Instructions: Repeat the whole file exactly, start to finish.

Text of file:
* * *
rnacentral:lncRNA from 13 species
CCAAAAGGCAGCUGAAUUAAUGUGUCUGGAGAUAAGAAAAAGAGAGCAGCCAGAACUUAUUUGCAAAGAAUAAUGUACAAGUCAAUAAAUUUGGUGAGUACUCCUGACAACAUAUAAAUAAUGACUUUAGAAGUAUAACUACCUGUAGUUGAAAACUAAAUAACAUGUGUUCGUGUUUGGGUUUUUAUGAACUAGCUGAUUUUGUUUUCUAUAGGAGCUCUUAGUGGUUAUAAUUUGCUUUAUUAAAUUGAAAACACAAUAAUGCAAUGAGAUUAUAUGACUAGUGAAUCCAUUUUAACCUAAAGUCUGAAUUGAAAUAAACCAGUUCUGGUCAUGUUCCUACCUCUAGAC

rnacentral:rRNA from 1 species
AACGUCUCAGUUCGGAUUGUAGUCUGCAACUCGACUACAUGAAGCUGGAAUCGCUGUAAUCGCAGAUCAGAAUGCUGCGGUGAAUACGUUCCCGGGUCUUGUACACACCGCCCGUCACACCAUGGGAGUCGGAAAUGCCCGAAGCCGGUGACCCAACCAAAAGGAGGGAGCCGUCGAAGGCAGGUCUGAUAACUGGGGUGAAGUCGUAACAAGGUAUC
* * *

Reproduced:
rnacentral:lncRNA from 13 species
CCAAAAGGCAGCUGAAUUAAUGUGUCUGGAGAUAAGAAAAAGAGAGCAGCCAGAACUUAUUUGCAAAGAAUAAUGUACAAGUCAAUAAAUUUGGUGAGUACUCCUGACAACAUAUAAAUAAUGACUUUAGAAGUAUAACUACCUGUAGUUGAAAACUAAAUAACAUGUGUUCGUGUUUGGGUUUUUAUGAACUAGCUGAUUUUGUUUUCUAUAGGAGCUCUUAGUGGUUAUAAUUUGCUUUAUUAAAUUGAAAACACAAUAAUGCAAUGAGAUUAUAUGACUAGUGAAUCCAUUUUAACCUAAAGUCUGAAUUGAAAUAAACCAGUUCUGGUCAUGUUCCUACCUCUAGAC

rnacentral:rRNA from 1 species
AACGUCUCAGUUCGGAUUGUAGUCUGCAACUCGACUACAUGAAGCUGGAAUCGCUGUAAUCGCAGAUCAGAAUGCUGCGGUGAAUACGUUCCCGGGUCUUGUACACACCGCCCGUCACACCAUGGGAGUCGGAAAUGCCCGAAGCCGGUGACCCAACCAAAAGGAGGGAGCCGUCGAAGGCAGGUCUGAUAACUGGGGUGAAGUCGUAACAAGGUAUC